In my previous blog, the concept of cost-effectiveness in cancer care was discussed. However, one needs to step back in order to understand the value proposition of cancer care: who benefits most, society as a whole or the individual? It’s also important to understand what should be measured: improved quality of life or length of life? Then come the cost issues surrounding cancer care. Who pays for it and how much do they pay?
Let’s first discuss cost. According to the National Cancer Institute, the annual direct cost for cancer care in the U.S. was $125 billion in 2010, and is projected to grow to $173 billion by 2020.
Market distortions that commonly exist in drug cancer care, which do not exist in a competitive and efficient market, drive pricing upward. First, monopolistic pricing is created when a drug company receives a patent for the cancer therapy. There is also inelastic demand for the therapy—one likely needs it to survive. What’s more, coverage of drugs such as chemotherapeutics is dictated by law, requiring Medicare to pay for it. Lastly, there is significant lobbying and support for cancer care from cancer nonprofit organizations, with more than 250 in existence across the U.S. These nonprofits can create negative publicity when denial of cancer care is issued by an insurer.
These distortions help create relatively higher costs and “protected” pricing in cancer care that does not exist with other therapies. They also incentivize drug companies to develop marginally effective treatments.
The question becomes: How does one then address these high-cost issues?
One way could be to increase the use of comparative effectiveness analysis, which can help align resource use with its intended benefit. The medical community can use these types of analyses to refuse the use of new drugs that are more expensive than other drugs without demonstrated improved outcomes, such as better quality of life, longer life and fewer side effects.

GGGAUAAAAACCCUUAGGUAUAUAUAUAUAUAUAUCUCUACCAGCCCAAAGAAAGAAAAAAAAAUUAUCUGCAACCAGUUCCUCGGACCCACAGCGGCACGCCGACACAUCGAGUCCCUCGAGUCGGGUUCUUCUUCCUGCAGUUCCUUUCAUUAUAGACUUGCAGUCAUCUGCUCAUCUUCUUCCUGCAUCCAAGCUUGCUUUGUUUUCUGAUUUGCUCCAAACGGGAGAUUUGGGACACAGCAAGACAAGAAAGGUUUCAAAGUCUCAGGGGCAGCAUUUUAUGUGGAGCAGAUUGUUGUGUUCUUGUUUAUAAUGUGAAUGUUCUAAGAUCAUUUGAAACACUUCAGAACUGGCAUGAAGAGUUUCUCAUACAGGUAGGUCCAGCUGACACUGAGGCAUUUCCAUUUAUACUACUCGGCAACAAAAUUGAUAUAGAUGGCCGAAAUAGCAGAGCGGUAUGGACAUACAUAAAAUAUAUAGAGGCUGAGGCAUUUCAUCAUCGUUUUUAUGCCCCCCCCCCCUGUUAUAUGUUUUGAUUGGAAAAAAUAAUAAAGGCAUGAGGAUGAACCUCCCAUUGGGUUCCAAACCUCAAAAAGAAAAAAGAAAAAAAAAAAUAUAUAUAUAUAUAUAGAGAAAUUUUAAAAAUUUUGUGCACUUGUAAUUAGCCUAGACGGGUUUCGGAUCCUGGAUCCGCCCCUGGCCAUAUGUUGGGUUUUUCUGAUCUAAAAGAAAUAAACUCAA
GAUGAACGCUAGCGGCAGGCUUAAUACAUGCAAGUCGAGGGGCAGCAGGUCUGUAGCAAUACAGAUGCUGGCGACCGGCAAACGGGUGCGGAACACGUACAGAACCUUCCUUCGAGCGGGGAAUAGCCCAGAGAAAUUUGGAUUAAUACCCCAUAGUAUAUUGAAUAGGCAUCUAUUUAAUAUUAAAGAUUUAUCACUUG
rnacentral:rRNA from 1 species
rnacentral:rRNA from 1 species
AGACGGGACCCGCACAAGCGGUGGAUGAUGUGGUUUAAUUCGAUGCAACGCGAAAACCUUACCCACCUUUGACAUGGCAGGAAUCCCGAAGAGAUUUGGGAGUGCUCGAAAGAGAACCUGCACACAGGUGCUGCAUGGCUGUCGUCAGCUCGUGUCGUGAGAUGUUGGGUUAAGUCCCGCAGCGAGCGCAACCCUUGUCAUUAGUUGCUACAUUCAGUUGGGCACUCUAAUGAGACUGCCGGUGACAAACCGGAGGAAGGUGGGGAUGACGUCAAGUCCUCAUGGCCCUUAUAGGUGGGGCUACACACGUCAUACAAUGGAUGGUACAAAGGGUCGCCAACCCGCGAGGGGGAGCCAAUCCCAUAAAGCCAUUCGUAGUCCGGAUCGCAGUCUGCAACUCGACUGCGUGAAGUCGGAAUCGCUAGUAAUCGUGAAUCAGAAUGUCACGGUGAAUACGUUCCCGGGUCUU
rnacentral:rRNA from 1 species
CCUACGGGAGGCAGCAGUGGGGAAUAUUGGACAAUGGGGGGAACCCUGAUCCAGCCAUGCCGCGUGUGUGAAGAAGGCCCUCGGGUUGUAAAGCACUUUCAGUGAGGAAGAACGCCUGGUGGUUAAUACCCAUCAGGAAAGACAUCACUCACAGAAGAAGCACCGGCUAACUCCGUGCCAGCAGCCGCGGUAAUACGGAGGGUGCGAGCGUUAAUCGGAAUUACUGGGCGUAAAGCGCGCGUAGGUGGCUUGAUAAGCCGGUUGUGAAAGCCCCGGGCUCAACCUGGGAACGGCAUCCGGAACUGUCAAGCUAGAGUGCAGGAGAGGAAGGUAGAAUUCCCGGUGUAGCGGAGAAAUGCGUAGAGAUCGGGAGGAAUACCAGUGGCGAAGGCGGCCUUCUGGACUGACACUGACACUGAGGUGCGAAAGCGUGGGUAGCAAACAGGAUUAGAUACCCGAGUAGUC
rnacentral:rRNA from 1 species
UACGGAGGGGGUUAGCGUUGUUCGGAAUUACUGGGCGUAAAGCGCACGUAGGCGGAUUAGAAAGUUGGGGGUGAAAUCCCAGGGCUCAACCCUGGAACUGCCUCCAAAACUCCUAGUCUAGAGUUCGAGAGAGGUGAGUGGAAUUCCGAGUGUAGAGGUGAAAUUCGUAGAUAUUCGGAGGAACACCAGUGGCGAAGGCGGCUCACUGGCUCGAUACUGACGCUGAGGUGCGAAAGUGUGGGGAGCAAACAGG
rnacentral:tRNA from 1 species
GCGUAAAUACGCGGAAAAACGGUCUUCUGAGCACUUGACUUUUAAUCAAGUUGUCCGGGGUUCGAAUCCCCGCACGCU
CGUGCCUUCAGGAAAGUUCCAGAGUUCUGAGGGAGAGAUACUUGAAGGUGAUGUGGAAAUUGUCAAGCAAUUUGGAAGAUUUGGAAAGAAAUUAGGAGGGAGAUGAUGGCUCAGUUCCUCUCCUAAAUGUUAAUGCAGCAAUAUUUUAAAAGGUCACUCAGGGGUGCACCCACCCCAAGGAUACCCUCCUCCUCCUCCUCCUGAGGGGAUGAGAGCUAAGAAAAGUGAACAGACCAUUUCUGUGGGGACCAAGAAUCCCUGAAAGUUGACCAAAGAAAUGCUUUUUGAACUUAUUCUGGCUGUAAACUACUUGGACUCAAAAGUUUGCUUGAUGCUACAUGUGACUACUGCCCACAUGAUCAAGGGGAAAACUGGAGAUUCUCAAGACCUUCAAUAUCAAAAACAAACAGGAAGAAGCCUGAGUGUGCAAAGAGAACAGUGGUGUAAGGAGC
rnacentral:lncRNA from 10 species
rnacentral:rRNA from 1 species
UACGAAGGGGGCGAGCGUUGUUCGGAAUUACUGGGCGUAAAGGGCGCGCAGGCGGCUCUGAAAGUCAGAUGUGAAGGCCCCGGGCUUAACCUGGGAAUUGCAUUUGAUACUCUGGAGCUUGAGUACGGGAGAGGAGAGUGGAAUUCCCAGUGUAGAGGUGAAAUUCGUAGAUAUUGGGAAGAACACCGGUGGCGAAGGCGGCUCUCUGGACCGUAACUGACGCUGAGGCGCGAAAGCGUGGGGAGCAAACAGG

Another strategy involves changing the practice patterns of physicians in certain situations. Examples of this include:
• Limiting chemotherapy to clinical trials for patients that do not respond to three consecutive regimens
• Limiting chemotherapy to patients with good performance status or patients able to walk unaided into the clinic to receive chemotherapy. The implementation of such a threshold could decrease the use of chemotherapy at the end of life.
• Ensuring in all circumstances that the cancer treatment is used for its intended purpose. In the past, oncologists have had flexibility in selecting treatments for patients.
Once we tackle these issues of high cost, we can then examine the issues of benefits to the community and to patients, which we will do in my next blog post.
Editor’s note: Read Jeff’s previous submission, “Cutting the Waste in the Cancer Chase,” for an introduction to this topic.